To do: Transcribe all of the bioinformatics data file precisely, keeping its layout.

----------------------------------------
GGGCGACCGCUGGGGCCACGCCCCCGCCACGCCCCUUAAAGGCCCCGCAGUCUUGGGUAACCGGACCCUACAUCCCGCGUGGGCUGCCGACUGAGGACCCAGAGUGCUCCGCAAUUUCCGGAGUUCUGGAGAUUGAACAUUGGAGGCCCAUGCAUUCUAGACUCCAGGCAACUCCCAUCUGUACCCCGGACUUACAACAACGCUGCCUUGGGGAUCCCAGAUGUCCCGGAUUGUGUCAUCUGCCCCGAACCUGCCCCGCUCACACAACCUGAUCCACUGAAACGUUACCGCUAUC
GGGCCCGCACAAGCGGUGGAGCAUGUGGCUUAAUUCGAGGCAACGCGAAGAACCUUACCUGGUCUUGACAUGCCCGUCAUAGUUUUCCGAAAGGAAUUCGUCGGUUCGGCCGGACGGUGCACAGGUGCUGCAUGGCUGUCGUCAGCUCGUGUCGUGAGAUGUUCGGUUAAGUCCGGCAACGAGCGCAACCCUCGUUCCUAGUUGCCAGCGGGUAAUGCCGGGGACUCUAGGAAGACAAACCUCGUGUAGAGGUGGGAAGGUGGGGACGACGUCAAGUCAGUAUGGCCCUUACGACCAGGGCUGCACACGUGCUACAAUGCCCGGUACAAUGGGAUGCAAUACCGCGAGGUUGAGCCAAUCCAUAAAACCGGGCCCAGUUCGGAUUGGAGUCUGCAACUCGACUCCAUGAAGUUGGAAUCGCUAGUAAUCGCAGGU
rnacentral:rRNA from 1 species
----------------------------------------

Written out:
GGGCGACCGCUGGGGCCACGCCCCCGCCACGCCCCUUAAAGGCCCCGCAGUCUUGGGUAACCGGACCCUACAUCCCGCGUGGGCUGCCGACUGAGGACCCAGAGUGCUCCGCAAUUUCCGGAGUUCUGGAGAUUGAACAUUGGAGGCCCAUGCAUUCUAGACUCCAGGCAACUCCCAUCUGUACCCCGGACUUACAACAACGCUGCCUUGGGGAUCCCAGAUGUCCCGGAUUGUGUCAUCUGCCCCGAACCUGCCCCGCUCACACAACCUGAUCCACUGAAACGUUACCGCUAUC
GGGCCCGCACAAGCGGUGGAGCAUGUGGCUUAAUUCGAGGCAACGCGAAGAACCUUACCUGGUCUUGACAUGCCCGUCAUAGUUUUCCGAAAGGAAUUCGUCGGUUCGGCCGGACGGUGCACAGGUGCUGCAUGGCUGUCGUCAGCUCGUGUCGUGAGAUGUUCGGUUAAGUCCGGCAACGAGCGCAACCCUCGUUCCUAGUUGCCAGCGGGUAAUGCCGGGGACUCUAGGAAGACAAACCUCGUGUAGAGGUGGGAAGGUGGGGACGACGUCAAGUCAGUAUGGCCCUUACGACCAGGGCUGCACACGUGCUACAAUGCCCGGUACAAUGGGAUGCAAUACCGCGAGGUUGAGCCAAUCCAUAAAACCGGGCCCAGUUCGGAUUGGAGUCUGCAACUCGACUCCAUGAAGUUGGAAUCGCUAGUAAUCGCAGGU
rnacentral:rRNA from 1 species